This is the most important plants under direct cultivation in the history of Polynesia. All parts of the plant are used for various things besides just food. For food, they roots and tops go into a variety of dishes. We have all heard of Poi from Hawai'i as a staple at Lu'au's, well that world famous dish, or some might say infamous dish, is made from pounded (and in most cases fermented) cooked taro "roots." Other traditional green dishes for the Lu'au are made with the leafy tops and is often mixed with freshly made coconut milk or cream.
|Taro under dry farming|
The part of the taro plant that gets turned into that most native Hawaiian of dishes poi is actually made from the corm of the plant, which is also called the "root." The most common type of taro farming is "paddy farming," in which is grown in a semi-flooded or shallow flooded field. In this is has in common growing conditions of the great mother grain of Asia: rice. In fact, in some of the very old paddy terraces of the Philippines, rice was grown in fields next to taro, and sometimes, still is. Some taro can be "dry farmed," but conditions must still be fully tropical and high in humidity. Although they do grow best and have the highest yield when grown in paddy conditions, the water must not be stagnant; and, more importantly it cannot be too deep or the basal (base of the growing stalk) will rot. It is a food that must be grown with a great deal of skill, care and love.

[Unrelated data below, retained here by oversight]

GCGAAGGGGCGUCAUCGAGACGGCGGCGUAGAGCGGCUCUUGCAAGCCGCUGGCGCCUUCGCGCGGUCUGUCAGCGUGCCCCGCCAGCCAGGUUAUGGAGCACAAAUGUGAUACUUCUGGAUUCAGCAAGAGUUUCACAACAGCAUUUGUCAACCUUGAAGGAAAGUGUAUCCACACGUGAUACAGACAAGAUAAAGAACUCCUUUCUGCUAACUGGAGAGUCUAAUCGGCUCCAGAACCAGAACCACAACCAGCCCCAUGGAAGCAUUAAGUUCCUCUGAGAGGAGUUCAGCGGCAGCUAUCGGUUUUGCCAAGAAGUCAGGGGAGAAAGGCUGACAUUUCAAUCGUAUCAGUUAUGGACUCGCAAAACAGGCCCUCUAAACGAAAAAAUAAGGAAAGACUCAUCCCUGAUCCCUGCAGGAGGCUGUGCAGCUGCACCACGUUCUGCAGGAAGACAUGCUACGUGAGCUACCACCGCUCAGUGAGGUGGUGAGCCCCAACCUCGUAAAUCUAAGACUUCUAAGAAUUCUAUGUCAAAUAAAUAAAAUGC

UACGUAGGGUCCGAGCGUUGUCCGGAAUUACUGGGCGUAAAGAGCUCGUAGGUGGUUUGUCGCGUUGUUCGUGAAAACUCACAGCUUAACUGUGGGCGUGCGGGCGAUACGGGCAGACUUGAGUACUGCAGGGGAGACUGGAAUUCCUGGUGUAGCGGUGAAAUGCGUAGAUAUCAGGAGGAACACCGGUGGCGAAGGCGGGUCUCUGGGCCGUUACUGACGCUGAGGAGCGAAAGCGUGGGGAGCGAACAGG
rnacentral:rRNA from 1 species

Taro is actually believed to be one of the oldest cultivated plants; and if the plants remind anyone of the "elephant ears" grown as ornamentals, well they are actually one and the same family. Like sweet potatoes, that are often sold in garden centers by their ornamental name, without people have the slightest idea that the weird looking "root" that they sometimes encounter in the produce section often marked "eddoe" or "dasheen" on the East coast, is actually the same as the "bulbs" they seek out to grow for same same "bulbs" leaves. In fact Elephant Ears are so widely grown, that anyone who has them in their yard can easily attest to their growing habit of spreading. Granted a lot of "Elephant Ears" sold in garden centers are from the very closely related Caladium, and others of the also closely related Xanthosoma, which is also grown for food, especially in the Caribbean and the Philippine (it is a South American native). Armed with that knowledge, all of sudden a whole group of people know more about Taro than they ever thought they would. Indeed these plants are so popular that more types seem to be grown now for ornamental varieties, than for food--every year new ornamental types come out brilliant splashed with color, or deep hue of black, with or without stripes.
The type most widely grown for food is the eslculenta type. This is the type that is the oldest. There is a sub-species of this that has found to be native to western Australia, while the more widely grown parent is naturalized in other locations of the country/continent. Both of these types really need to be grown in aquatic environments. In it's raw form, taro is toxic and contains Calcium oaxalate, which can be destroyed by cooking or simply soaking in water over night. Another variety known by it's "street name" eddoe is also grown for food. It is closely related to the esculenta being like the Australian native a sub-species; it's botanical name is C. esculenta antiquorum. In Spanish speaking areas of the Caribbean they are labeled "malanga," and that has translated into the marketing of these corms in the southeaster US as well. That is a wide label to put on these, as it is also used for the corm of the related, but distinctly different botanically, Xanthosoma spp. also popularly known as tannia in the Caribbean
|A variegated taro|